The “why” behind Monterey’s top sales
With the monterey auction week in the rearview, the “Wow!” of its two headline sales has been played to death. It’s the “Why?” that still fascinates me. One car, a 1962 Ferrari 250GTO, the preeminent model of the most revered aspirational brand, sold for $48.4 million after a tedious nine minutes of bidding. The other car, a 1935 Duesenberg SSJ, a little-known relic from a long-dead brand, sold for $22 million. It was the greatest bidding war I’ve ever seen.
Let’s start with the Ferrari, serial number 3413GT, at RM Sotheby’s. This sale had buzz from the minute it was announced. It stood to be the most expensive car ever sold at auction and came hot on the heels of the reported $70 million private sale of another 250GTO, 4153GT. The stage was set for a big result with 3413. So why the discrepancy in price between 4153 and 3413? Both are exceptional examples with unimpeachable race and ownership histories, but 4153 has a better race history and, crucially, is still clad in its original and more desirable Series I bodywork; 3413 was one of four GTOs to receive an in-period conversion by the factory to Series II bodywork.
RM Sotheby’s presale estimate was $45 million to $60 million. Two phone bidders picked away at 3413 until it hammered sold for a million short of the low estimate. For those of us who have been to enough auctions, this much was clear: Most 250GTO buyers are like the buyer of 4153—they know the one they want and won’t settle for another, even if it is tens of millions cheaper.
Conversely, the Gooding & Company sale of the Duesenberg SSJ for $22 million put an arrow in the heart of anyone who has said prewar American classics are dead. The car’s presale estimate: “in excess of $10,000,000.” Rumor had it the SSJ had a reserve of $8 million. Clearly, nobody knew what this SSJ—one of two 400-hp short-chassis models built, and still in original condition—was worth. So an auction sale made perfect sense.
Duesenbergs are to prewar cars what Ferraris are to postwar cars. The Gooding SSJ was originally owned by actor Gary Cooper and then went to legendary sportsman Briggs S. Cunningham in the late 1940s, where it remained until the consignor’s acquisition of Cunningham’s entire collection in the 1980s. So this SSJ not only had an illustrious history but hadn’t been “for sale” in nearly 70 years. It also happens to be one of the coolest freaking cars ever built. During its sale, the room was packed, with bidders in the crowd and on the phones, and bids often moving $1 million at a crack. It was the kind of sale that auction houses, and certainly auctioneers, dream of. Everybody in the room knew they were witnessing something special, and it was electric. Quite the contrast to the endodontics RM Sotheby’s was forced to perform the night before.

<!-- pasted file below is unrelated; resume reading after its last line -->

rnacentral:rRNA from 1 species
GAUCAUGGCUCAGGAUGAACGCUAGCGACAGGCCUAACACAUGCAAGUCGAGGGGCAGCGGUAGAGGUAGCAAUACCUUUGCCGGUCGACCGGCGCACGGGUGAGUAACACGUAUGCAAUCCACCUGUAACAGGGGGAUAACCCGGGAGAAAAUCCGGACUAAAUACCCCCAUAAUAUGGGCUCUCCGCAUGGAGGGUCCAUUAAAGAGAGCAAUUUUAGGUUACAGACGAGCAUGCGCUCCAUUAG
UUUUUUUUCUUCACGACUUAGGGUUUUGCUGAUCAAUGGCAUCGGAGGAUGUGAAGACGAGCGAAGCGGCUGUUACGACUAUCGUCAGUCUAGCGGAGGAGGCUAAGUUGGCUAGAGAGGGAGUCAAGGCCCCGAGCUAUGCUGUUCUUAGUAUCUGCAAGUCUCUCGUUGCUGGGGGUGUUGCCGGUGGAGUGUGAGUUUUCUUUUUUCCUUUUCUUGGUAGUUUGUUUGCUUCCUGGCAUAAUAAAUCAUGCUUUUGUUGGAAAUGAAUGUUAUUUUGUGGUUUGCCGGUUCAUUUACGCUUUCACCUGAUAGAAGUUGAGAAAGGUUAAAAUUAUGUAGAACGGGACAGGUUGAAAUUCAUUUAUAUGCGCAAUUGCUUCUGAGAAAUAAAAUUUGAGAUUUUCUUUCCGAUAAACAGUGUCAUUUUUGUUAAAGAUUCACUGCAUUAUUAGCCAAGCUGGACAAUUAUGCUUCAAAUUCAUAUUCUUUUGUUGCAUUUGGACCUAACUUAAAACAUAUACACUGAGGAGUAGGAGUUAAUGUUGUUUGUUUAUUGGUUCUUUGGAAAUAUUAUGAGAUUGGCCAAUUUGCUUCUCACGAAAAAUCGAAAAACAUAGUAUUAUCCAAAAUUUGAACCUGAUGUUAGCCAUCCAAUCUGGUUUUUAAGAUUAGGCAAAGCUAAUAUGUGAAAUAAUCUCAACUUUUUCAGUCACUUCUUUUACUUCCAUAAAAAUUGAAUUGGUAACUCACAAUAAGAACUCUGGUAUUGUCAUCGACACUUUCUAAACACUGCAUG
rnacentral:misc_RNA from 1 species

But how can any car be worth these numbers? Just as paintings by the great masters transcend their construction of mere canvas and pigment, so, too, are the 250GTOs and SSJs of the world more than the sum of their nuts and bolts. They can and do connect with us on another level and as such represent extreme examples of supply and demand. All 36 GTOs and both SSJs are known, and not one of their owners needs to sell. Few have even wanted to.
In the movie Trading Places, Dan Akroyd’s character, Winthorpe, looks longingly through a fancy restaurant window at Eddie Murphy’s Valentine. The scene perfectly encapsulates the GTO and SSJ realm. There are those at the table and those looking through the glass at the charmed life they want to have. And when the guy looking from the outside in has enough money to tempt the GTO or SSJ owner at the table to give up his seat, a new benchmark transaction will occur, as happened with the SSJ.
No matter the price point, the basics of collecting remain. Supply, demand, condition, history, and freshness to market determine value. They can’t be discounted; nor can the elusive notion of passion that the right cars can evoke. When a car checks all the boxes for the right buyer, market trends and tea leaves only go so far. Bidding paddles always have the last word.